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Debt Reduction, Credit Card Negotiation, And Your Rights

Debt Reduction

If you owe more than $10,000, you have no legal right to lower or negotiate your debt. Credit and debit card advertisements are deceptive. I frequently hear it on television and the radio. I get spam adverts on the internet. Advertisements heard:

Do you know if you qualify for the personal bond?

If you owe more than $10,000 on a credit card, you have the RIGHT to repay only a part of what you owe through affordable monthly payments.
Credit card firms have been awarded billions of dollars and are required to clean up their books permanently, which is great news for you.

I, too, heard them and spent time looking. If I were being charitable, I would call it a false loan claim, but it is not, thus it is a lie. Each of those propositions is very likely false. The Credit Card Commitment and Disclosure Act of 2009, also known as the Credit Card Act of 2009, was passed by the ANC. Have you noticed on your credit card statement that we now inform you how long it will take to pay off your credit card if you make a few payments?

In my opinion, this is a new necessity with a bright outlook. There is no indication that a consumer is eligible for a debt reduction if their debt exceeds $10,000. It’s simply not there. I am not the only one who has called. According to the Federal Trade Commission’s website:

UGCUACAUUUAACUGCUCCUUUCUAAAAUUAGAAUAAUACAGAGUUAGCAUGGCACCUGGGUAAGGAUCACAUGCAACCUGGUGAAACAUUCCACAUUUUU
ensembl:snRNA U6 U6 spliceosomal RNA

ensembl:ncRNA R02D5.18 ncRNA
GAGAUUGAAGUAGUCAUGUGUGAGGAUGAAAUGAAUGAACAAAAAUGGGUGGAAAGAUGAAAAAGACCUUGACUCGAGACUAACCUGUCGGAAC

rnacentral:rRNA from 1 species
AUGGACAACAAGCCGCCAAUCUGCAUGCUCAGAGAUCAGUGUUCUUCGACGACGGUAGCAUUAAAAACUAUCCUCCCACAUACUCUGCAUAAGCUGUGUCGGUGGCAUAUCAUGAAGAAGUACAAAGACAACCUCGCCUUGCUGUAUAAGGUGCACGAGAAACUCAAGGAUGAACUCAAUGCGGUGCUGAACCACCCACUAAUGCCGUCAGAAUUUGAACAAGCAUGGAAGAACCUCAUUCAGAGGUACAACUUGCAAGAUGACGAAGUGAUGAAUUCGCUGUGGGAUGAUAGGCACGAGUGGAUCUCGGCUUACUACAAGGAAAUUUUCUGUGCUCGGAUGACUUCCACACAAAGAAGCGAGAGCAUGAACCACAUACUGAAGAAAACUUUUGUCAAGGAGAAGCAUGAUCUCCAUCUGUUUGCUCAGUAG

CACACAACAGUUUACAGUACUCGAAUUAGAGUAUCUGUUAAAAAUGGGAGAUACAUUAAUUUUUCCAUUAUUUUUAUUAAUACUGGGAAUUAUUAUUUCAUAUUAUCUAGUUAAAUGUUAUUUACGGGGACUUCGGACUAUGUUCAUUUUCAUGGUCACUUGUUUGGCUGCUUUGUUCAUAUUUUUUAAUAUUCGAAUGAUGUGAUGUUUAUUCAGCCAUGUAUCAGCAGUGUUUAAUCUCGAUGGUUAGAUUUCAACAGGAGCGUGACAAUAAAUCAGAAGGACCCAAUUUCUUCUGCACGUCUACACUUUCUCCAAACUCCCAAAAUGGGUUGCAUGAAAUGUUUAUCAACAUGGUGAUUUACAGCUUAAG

Furthermore, there is no certainty that the lender will accept partial payment of the legal debt. In reality, if you cease using your credit card, late fees and interest are routinely added to your account each month.

Many of my clients come to me after having attempted one of these debt negotiators. The tales are all the same. They were advised not to engage a lawyer, to stop paying their credit cards, and to begin paying the debt counsellor. If a credit card company claims nonpayment, the customer contacts a debt collector, who informs them that they are not attorneys and that the client must hire one. What?

I assumed they didn’t need a lawyer. These negotiators overcharge, under-deliver, conceal information and mislead the buyer. After using a debt collector, I feel terrible about the clients I hired.

Many people are sincerely attempting to repay their debts and are seeking assistance. They believe in debt consolidation because they wish to believe that it is a genuine strategy to maximise their benefits. It’s a shame because there is assistance available to all debtors, not just those who are negotiating.

We don’t talk about the debt. We are getting out of debt. I don’t call one lender and ask if he’ll entertain a payment plan or if he’s out of the market for a time. We apply tough enforcement regulations to keep you on the same level as the debtor, with no need for discussion.


By Magzstyle

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